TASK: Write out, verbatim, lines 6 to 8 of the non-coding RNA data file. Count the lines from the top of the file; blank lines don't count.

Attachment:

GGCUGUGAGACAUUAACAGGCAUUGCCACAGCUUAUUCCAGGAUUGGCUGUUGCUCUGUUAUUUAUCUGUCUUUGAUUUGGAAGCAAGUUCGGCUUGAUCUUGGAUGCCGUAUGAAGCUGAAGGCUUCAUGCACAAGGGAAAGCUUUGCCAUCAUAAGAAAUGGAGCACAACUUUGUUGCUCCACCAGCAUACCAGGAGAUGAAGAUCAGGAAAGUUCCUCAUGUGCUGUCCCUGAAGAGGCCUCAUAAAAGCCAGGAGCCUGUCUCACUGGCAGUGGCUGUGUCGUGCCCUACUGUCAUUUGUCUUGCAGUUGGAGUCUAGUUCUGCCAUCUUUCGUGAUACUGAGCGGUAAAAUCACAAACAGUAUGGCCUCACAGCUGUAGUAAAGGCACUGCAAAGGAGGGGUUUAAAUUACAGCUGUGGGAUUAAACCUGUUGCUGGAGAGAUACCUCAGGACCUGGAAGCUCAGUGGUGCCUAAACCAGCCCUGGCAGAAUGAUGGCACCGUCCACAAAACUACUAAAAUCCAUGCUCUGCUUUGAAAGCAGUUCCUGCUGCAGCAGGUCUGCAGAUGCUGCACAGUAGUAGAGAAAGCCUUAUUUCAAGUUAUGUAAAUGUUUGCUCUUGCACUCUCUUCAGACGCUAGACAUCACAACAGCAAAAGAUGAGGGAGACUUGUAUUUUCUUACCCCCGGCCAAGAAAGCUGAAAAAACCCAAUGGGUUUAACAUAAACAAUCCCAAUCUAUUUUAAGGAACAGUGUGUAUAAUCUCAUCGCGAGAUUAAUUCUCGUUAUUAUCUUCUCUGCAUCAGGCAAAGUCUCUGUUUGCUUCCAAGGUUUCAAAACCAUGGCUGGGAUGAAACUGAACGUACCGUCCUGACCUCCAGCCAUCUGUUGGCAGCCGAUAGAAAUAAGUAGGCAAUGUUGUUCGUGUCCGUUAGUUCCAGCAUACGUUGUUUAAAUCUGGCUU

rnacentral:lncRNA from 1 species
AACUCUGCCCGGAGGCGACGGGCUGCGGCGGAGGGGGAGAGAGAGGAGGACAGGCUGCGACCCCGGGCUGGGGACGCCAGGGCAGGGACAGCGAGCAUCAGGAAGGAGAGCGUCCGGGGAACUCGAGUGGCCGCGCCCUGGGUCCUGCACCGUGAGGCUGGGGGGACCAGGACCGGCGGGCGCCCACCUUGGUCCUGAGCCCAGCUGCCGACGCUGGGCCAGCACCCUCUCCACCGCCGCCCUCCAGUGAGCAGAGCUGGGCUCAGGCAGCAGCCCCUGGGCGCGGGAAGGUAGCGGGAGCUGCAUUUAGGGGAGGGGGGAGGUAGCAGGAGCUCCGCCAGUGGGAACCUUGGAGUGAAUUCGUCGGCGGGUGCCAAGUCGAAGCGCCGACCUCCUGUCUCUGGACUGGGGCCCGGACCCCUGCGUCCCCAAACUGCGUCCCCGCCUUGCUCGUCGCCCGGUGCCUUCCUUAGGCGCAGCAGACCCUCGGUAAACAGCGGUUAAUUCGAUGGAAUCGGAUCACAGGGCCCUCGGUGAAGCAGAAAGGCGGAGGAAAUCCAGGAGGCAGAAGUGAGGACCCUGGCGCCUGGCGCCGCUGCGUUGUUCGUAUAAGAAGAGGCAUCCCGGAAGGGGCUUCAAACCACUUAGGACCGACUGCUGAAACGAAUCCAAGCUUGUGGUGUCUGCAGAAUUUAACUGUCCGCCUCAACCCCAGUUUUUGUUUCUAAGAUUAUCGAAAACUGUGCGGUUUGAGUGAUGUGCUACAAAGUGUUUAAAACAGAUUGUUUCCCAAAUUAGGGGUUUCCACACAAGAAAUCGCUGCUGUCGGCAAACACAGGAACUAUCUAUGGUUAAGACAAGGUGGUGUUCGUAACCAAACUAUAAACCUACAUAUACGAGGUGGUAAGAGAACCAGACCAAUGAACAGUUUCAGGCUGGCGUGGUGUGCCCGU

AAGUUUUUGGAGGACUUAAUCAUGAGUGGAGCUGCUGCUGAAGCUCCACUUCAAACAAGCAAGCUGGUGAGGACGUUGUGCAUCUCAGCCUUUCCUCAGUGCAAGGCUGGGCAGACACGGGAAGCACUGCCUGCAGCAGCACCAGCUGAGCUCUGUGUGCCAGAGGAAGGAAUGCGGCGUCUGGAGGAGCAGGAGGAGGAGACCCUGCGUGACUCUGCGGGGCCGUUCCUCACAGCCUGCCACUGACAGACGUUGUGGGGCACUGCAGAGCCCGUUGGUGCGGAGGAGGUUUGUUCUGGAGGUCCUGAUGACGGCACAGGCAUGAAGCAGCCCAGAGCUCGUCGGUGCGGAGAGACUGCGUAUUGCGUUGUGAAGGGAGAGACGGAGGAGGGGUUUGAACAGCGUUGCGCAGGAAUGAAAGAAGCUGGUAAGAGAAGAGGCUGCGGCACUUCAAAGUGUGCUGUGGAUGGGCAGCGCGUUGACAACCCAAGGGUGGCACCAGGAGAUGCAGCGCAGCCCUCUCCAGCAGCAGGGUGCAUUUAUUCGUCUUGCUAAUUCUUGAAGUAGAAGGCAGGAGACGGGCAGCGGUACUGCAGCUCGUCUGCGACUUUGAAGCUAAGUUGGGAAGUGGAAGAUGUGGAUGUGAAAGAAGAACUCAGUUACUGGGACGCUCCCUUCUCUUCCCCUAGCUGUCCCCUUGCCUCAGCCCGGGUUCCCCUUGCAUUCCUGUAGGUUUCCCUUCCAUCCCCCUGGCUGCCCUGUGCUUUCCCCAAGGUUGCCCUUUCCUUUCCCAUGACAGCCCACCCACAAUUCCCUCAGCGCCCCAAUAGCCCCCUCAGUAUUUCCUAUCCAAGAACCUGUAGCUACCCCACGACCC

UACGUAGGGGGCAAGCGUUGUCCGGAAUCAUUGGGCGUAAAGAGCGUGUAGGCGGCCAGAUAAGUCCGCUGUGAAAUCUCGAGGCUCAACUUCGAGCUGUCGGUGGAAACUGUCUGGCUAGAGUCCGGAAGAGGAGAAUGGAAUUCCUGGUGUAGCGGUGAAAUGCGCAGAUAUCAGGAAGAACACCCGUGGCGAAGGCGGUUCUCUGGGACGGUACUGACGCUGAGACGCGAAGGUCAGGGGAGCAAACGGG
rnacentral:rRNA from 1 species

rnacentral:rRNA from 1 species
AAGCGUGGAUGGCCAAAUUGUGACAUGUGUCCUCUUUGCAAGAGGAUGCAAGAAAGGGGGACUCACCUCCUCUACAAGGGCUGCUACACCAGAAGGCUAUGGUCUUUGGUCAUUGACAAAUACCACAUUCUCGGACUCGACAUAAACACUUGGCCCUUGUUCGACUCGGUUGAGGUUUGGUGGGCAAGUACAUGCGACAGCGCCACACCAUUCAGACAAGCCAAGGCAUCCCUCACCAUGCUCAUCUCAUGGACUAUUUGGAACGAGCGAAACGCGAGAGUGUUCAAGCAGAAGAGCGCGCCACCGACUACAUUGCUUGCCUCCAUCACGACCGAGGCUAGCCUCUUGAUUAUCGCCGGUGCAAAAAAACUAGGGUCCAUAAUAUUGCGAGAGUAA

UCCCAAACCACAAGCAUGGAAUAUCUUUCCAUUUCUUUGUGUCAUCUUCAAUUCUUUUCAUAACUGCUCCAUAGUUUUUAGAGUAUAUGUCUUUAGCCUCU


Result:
rnacentral:rRNA from 1 species

rnacentral:rRNA from 1 species
AAGCGUGGAUGGCCAAAUUGUGACAUGUGUCCUCUUUGCAAGAGGAUGCAAGAAAGGGGGACUCACCUCCUCUACAAGGGCUGCUACACCAGAAGGCUAUGGUCUUUGGUCAUUGACAAAUACCACAUUCUCGGACUCGACAUAAACACUUGGCCCUUGUUCGACUCGGUUGAGGUUUGGUGGGCAAGUACAUGCGACAGCGCCACACCAUUCAGACAAGCCAAGGCAUCCCUCACCAUGCUCAUCUCAUGGACUAUUUGGAACGAGCGAAACGCGAGAGUGUUCAAGCAGAAGAGCGCGCCACCGACUACAUUGCUUGCCUCCAUCACGACCGAGGCUAGCCUCUUGAUUAUCGCCGGUGCAAAAAAACUAGGGUCCAUAAUAUUGCGAGAGUAA